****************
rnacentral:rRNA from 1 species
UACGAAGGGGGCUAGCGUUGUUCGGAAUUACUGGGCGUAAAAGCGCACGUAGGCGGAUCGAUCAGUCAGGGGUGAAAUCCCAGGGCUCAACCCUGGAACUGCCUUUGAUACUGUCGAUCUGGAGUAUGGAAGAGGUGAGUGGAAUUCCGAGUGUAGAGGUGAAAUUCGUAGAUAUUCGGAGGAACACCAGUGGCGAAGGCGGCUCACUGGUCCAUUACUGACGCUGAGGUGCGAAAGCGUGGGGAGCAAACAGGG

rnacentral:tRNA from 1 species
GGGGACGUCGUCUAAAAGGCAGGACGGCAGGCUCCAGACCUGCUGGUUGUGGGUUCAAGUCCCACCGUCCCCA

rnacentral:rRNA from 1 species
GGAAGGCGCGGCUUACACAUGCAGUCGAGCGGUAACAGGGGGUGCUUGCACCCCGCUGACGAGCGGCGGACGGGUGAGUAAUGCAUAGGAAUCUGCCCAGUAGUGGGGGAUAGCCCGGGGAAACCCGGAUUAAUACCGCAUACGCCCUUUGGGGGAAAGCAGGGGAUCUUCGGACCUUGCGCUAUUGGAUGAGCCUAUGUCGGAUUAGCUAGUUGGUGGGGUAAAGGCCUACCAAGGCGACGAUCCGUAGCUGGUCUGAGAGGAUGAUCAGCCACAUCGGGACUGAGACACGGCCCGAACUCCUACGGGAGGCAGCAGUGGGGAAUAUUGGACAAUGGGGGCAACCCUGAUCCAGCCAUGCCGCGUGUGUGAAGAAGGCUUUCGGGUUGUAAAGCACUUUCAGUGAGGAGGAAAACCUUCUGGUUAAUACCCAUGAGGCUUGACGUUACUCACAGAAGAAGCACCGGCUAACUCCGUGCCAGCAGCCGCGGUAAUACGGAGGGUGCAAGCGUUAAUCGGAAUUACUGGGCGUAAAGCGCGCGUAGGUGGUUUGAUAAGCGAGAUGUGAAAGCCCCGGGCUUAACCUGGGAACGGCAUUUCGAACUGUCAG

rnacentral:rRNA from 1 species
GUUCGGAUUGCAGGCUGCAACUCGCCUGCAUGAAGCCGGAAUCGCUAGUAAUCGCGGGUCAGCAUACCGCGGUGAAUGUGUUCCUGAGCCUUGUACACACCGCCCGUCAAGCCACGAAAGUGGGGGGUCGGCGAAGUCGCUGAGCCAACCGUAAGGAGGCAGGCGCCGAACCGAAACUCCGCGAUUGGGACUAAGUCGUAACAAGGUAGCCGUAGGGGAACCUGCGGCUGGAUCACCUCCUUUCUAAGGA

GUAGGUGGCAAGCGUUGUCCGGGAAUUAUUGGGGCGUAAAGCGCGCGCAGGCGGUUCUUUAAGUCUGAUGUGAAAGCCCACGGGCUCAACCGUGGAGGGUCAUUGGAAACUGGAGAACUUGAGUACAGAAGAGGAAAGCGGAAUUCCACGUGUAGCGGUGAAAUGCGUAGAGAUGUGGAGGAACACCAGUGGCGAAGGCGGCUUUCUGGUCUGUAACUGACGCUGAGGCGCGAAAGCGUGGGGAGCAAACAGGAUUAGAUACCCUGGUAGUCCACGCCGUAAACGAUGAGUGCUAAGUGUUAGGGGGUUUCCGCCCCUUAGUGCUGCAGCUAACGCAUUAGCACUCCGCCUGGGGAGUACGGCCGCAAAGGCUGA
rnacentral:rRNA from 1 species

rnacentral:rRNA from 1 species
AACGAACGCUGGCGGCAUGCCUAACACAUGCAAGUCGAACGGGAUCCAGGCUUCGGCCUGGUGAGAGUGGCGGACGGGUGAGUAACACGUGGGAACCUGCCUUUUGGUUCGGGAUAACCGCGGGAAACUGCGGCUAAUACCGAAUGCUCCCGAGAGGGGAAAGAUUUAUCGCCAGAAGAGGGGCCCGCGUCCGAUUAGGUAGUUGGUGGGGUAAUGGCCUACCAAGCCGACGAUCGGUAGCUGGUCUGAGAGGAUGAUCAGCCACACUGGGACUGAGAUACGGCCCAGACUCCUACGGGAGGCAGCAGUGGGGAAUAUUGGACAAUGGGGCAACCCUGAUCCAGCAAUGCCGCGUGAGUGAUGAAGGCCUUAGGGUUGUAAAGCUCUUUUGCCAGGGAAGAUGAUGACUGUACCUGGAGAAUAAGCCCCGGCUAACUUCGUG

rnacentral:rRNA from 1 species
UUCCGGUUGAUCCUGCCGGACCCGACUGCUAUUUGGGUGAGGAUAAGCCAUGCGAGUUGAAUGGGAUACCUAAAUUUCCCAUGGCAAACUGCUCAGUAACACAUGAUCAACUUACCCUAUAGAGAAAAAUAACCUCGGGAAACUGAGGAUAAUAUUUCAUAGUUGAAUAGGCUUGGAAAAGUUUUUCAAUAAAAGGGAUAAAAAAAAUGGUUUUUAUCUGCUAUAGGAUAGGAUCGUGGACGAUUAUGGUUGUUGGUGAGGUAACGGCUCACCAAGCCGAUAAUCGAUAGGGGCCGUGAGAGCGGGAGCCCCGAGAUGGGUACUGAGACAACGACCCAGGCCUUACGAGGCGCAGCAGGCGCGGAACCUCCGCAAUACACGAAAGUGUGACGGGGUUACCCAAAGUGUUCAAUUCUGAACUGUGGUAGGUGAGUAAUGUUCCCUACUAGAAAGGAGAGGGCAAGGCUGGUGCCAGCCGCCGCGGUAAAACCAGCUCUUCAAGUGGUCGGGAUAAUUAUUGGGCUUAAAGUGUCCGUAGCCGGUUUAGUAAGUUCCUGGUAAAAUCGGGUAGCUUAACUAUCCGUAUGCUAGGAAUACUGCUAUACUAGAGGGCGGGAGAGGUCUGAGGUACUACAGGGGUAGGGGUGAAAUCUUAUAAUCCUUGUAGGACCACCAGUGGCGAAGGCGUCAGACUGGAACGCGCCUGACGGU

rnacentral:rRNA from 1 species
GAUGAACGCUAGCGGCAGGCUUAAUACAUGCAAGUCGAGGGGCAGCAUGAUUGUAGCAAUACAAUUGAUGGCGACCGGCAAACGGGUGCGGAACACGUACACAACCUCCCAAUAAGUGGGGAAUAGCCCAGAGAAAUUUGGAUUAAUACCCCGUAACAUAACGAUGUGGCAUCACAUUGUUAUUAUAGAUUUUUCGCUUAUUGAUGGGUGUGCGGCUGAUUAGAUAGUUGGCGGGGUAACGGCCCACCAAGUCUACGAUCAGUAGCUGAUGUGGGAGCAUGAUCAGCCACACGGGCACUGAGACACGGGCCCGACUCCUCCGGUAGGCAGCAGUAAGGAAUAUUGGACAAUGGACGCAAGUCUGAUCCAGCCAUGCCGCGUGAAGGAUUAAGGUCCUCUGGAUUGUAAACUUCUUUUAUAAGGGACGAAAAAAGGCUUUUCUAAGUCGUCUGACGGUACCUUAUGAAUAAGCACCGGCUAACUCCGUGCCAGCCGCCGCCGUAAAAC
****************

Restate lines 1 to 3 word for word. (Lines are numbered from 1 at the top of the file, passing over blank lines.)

rnacentral:rRNA from 1 species
UACGAAGGGGGCUAGCGUUGUUCGGAAUUACUGGGCGUAAAAGCGCACGUAGGCGGAUCGAUCAGUCAGGGGUGAAAUCCCAGGGCUCAACCCUGGAACUGCCUUUGAUACUGUCGAUCUGGAGUAUGGAAGAGGUGAGUGGAAUUCCGAGUGUAGAGGUGAAAUUCGUAGAUAUUCGGAGGAACACCAGUGGCGAAGGCGGCUCACUGGUCCAUUACUGACGCUGAGGUGCGAAAGCGUGGGGAGCAAACAGGG

rnacentral:tRNA from 1 species